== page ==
Thursday, January 31, 2013

Hum Drum

It has been a "hum drum" week. Aside from a continued difference of professional opinion at work, the week has been an ordinary run of the mill week. The kids are fighting little colds. Translation: I'm not sleeping. I've been fighting a nasty headache. Translation: I'm not sleeping. My back is sore from running. Translation: I'm not sleeping. And my husband has been snoring. Translation: I'm not sleeping. However, this IS my normal and I wouldn't trade it for anything (well maybe I would trade it for some sleep at this point).

I have had a student observing me teach reading for the past several weeks and today I handed over the reins and had her teach a lesson. It was no big thing. A small group reading lesson. We did a running record together, she taught the lesson, I observed. She forgot to do a big part of the lesson, but I didn't tell her that because it didn't matter. What she did do was great and when I told her "I noticed..." about your lesson, the look on her face was so worth with holding information. This student gave me hope for the profession. Her obvious pleasure in being able to be the teacher was palpable and that right there is the start of a great teacher. It felt good to have a hand in teaching the teacher. Maybe a PhD IS in my future!?!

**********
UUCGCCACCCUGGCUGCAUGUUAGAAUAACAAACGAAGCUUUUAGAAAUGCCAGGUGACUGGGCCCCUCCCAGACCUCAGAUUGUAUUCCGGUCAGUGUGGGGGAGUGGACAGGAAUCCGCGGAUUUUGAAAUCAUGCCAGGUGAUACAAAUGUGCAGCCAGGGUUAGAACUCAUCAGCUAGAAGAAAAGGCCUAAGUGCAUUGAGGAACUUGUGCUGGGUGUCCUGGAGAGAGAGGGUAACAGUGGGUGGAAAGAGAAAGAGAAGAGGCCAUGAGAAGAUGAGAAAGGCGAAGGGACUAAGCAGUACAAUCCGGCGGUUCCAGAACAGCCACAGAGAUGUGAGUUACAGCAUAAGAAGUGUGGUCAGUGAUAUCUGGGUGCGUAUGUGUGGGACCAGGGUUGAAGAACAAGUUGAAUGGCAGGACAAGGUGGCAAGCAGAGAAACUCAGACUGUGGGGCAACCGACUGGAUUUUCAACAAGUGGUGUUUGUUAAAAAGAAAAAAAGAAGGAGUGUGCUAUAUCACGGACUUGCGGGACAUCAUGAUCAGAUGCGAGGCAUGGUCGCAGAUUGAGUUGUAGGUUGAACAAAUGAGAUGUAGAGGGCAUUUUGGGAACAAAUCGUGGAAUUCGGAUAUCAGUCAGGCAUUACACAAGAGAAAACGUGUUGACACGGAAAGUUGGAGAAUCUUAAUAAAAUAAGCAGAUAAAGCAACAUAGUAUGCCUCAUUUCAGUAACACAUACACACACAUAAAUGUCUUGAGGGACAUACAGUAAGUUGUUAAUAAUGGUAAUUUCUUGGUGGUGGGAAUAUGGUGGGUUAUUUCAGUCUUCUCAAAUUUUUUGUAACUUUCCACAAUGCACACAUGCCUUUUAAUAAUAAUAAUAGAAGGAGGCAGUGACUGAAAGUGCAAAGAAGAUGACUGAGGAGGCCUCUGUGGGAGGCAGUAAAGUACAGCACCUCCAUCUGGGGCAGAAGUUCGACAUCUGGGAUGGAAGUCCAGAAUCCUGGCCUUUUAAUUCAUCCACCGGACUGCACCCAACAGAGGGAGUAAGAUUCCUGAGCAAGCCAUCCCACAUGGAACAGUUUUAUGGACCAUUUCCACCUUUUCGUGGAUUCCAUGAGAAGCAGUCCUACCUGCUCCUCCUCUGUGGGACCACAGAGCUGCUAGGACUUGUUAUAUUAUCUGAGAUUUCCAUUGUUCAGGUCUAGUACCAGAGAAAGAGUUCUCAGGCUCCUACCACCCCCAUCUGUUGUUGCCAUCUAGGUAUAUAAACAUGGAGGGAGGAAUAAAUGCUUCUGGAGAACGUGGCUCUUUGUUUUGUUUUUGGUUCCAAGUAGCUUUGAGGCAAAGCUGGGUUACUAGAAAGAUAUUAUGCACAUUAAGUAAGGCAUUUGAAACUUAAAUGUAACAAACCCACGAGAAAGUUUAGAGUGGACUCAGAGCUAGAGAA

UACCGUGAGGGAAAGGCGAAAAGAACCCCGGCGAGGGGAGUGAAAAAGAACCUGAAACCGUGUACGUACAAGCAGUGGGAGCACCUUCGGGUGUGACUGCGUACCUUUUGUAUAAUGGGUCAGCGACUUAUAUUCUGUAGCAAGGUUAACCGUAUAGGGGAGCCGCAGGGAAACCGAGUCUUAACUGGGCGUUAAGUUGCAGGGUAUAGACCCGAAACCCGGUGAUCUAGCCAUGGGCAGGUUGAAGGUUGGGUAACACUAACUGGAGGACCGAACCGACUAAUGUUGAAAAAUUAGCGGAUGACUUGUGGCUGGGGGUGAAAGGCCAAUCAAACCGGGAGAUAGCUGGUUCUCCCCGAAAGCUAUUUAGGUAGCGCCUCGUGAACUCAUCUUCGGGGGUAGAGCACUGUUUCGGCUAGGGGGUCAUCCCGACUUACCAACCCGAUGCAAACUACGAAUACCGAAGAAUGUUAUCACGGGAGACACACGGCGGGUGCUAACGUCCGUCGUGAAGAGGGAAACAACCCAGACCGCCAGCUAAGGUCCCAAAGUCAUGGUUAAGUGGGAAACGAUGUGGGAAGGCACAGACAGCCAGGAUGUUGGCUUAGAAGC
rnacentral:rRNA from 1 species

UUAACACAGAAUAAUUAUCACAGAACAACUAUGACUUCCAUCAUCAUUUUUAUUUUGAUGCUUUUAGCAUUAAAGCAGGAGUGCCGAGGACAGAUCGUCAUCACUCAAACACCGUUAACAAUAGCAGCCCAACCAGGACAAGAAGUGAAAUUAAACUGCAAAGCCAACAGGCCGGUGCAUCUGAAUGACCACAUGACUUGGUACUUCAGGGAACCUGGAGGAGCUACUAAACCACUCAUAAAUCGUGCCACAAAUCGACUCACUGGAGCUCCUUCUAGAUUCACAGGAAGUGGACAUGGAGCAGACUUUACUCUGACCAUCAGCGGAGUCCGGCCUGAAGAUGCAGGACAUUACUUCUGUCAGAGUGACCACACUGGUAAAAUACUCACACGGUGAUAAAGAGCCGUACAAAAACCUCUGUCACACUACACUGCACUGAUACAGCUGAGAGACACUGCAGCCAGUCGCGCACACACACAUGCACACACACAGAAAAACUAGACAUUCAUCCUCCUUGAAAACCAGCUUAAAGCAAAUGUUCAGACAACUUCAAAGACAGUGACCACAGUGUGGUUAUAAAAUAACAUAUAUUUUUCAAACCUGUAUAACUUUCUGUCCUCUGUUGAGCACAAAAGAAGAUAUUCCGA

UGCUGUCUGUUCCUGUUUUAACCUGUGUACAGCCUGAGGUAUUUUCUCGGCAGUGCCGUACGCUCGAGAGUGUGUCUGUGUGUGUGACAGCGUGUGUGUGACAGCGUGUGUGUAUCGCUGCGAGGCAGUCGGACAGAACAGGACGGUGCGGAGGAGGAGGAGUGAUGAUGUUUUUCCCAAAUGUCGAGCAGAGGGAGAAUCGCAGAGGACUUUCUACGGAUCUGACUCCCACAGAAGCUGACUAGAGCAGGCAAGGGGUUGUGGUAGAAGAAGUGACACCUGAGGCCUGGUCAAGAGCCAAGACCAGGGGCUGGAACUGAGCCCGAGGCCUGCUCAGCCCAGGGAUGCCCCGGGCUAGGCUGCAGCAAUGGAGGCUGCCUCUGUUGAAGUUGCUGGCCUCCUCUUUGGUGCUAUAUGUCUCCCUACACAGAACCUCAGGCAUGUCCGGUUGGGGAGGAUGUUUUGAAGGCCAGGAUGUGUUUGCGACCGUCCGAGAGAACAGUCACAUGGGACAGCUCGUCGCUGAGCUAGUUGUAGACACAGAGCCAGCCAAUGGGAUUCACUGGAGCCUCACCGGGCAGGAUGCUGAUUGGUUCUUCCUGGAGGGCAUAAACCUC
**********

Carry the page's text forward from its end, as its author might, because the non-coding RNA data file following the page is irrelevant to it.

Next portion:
Weeks like this make me reflect on what is really important. I am busy, but I haven't been meeting myself coming and going. I am tired, but it's nothing new (and I have fantastic friends who bring me coffee without me asking). Weeks like this allow me to take pleasure in the small moments, to see the spark of a life-long passion and career echoed in another, to take the time for "just one more hug and kiss mom" from my runny nosed babes as I leave them at daycare, to get a massage after a month of being back at running, to appreciate the goodness of worth of friends, and though I don't always like that other person (or the sounds they emit), to appreciate that the one person I have choosen to love forever is sleeping next to me.

Hum Drum is good.

Monday, January 28, 2013

From My First Year of Teaching

I found this stuck in a book the other day it was dated Tuesday December 19th, 2006.  I was in my first year of teaching at that time.  I was teaching 1st grade in a very low income area.  Little did I know then how very true this was and how much more real this would become only six short years later.

The rest of the world doesn't know that teachers spend their evenings, weekend, and summer vacations grading papers, making bulletin boards, writing lesson plans, and taking classes for hard a teacher tries to find the right words to chide, comfort, explain, and teachers worry over their students as if they were their own teachers weep when a school erupts into violence because they know it could have been theirs.

- Julia G. Thompson

Unless you are a teacher, you do not know.  You can relate, you can sympathize, but you do not know. 

Friday, January 25, 2013